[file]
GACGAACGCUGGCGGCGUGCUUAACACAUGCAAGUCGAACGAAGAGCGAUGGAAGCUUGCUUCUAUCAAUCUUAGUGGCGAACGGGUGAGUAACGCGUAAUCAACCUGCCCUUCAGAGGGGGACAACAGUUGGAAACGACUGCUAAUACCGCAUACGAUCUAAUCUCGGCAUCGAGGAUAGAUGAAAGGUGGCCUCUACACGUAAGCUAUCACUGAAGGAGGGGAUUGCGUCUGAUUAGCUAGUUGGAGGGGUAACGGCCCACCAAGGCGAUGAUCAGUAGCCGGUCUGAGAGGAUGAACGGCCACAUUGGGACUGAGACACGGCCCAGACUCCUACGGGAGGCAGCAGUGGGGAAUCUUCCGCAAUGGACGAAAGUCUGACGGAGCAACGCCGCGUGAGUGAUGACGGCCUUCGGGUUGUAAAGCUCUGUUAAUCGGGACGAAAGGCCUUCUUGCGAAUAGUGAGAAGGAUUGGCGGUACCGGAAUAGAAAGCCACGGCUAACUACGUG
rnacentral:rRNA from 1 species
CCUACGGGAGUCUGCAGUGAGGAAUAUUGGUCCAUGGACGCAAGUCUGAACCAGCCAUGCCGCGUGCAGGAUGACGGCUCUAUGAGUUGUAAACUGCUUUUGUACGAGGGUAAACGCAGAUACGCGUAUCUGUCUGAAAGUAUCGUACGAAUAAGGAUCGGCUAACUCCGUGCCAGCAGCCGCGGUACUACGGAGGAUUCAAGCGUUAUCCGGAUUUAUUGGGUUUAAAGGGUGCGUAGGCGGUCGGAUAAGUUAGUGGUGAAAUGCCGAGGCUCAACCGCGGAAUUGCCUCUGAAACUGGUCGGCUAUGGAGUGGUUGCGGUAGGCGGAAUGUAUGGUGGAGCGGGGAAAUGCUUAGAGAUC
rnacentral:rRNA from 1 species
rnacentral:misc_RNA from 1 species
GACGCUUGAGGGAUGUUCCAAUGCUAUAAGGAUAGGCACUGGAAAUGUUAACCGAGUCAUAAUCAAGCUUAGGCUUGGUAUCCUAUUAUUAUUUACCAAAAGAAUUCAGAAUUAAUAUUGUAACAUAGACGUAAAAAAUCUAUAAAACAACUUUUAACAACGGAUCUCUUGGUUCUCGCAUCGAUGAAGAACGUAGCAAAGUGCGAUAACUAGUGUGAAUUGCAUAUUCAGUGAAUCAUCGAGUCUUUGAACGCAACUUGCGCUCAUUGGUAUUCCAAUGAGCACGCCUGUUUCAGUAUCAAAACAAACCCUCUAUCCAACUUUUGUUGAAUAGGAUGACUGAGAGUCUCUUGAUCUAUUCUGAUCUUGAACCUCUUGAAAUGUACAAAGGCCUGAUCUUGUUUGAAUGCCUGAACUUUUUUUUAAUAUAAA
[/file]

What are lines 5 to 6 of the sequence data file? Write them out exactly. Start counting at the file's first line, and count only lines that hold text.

rnacentral:misc_RNA from 1 species
GACGCUUGAGGGAUGUUCCAAUGCUAUAAGGAUAGGCACUGGAAAUGUUAACCGAGUCAUAAUCAAGCUUAGGCUUGGUAUCCUAUUAUUAUUUACCAAAAGAAUUCAGAAUUAAUAUUGUAACAUAGACGUAAAAAAUCUAUAAAACAACUUUUAACAACGGAUCUCUUGGUUCUCGCAUCGAUGAAGAACGUAGCAAAGUGCGAUAACUAGUGUGAAUUGCAUAUUCAGUGAAUCAUCGAGUCUUUGAACGCAACUUGCGCUCAUUGGUAUUCCAAUGAGCACGCCUGUUUCAGUAUCAAAACAAACCCUCUAUCCAACUUUUGUUGAAUAGGAUGACUGAGAGUCUCUUGAUCUAUUCUGAUCUUGAACCUCUUGAAAUGUACAAAGGCCUGAUCUUGUUUGAAUGCCUGAACUUUUUUUUAAUAUAAA